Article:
Future of Preston mosque in doubt as council refuses to lift restrictions
Written by Skywave Radio News on July 20, 2020
A mini-mosque on Carlton Drive in Preston could be forced to close after the council refused permission for it to open for longer and increase the number of worshippers allowed inside.
The property, which has been used as a home and as retail premises before being used as a place of worship today, was set to increase its opening hours from 7am-10pm to 5.30am-11.30pm as part of the plans.
The number of people permitted to take part in worship would also have increased from eight to 20 if the plans were approved.
Almost a hundred people voiced their objections over the proposals, while Lancashire County Council’s highways unit and Environmental Health raised concerns over the impact they would have on the community.
Now, the prayer centre must seek another 12-month extension to its temporary permission to allow the building’s use as a mosque, or it could be forced to close down.
“The increased use of the premises would result in general disturbance and unacceptable noise impacts upon the occupiers of adjoining and nearby residential properties,” said Preston City Council in the refusal notice.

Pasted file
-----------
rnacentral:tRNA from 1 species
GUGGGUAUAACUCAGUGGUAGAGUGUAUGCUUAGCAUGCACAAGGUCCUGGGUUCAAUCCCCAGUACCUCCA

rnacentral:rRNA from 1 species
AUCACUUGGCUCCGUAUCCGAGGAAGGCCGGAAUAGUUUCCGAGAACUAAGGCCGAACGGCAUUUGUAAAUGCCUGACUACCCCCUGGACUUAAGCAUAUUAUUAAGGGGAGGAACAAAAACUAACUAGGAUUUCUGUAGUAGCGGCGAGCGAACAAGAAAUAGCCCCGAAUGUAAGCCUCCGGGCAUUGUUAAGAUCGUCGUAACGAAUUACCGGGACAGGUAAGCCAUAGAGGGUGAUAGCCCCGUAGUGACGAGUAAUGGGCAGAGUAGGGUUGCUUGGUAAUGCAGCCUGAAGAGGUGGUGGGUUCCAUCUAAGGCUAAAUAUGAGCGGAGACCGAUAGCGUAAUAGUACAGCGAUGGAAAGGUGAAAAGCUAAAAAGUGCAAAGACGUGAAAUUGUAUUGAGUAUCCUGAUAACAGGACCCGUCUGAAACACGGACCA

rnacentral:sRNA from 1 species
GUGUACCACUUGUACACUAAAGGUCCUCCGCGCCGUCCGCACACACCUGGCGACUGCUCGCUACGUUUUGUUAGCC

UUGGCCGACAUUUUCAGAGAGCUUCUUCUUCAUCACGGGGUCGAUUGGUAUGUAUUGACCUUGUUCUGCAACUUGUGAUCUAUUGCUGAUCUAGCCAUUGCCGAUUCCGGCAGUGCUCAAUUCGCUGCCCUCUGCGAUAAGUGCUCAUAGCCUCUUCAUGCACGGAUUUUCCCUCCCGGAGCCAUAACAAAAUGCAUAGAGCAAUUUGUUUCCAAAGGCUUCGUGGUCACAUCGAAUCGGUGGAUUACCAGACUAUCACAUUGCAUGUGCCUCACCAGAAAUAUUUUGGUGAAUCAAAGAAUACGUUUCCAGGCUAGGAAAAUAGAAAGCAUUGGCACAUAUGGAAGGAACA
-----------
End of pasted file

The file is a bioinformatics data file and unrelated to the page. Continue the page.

“The parking requirements for the increased use of the premises could not be accommodated within the application site and would lead to increased off-street parking within the residential estate, which would further increase the disturbance and impact upon the amenities of neighbouring residents,” it added.
The applicants in the plans submitted to the council said how the mosque has successfully operated for around 18 months, meeting the needs of a small number of local worshippers, without negatively affecting the local area or introducing traffic problems.
Therefore, they were looking to remove the clause of their planning permission which meant they had to renew their ability to use the property as a place of worship every 12 months, as well as increasing its occupancy and opening times.
However, 99 people objected to the proposals, giving reasons such as the lack of control over the number of people using the facility, the lack of need for a mini-mosque in that area, the increase of noise levels and the lack of suitability of the building for such a purpose.
Highways officials said that the plans would result in more traffic and parking needs in the local area, which would impact ‘residential amenity’.
Environmental health officials, meanwhile, recommended that the plans were refused, stating that the mosque owners failed to demonstrate that noise reduction measures would prevent an impact on the local community.
The mosque must now reapply to have a 12 month extension on their use of the property, or apply again to have only that restriction removed, which the planning officer said would be ‘acceptable’.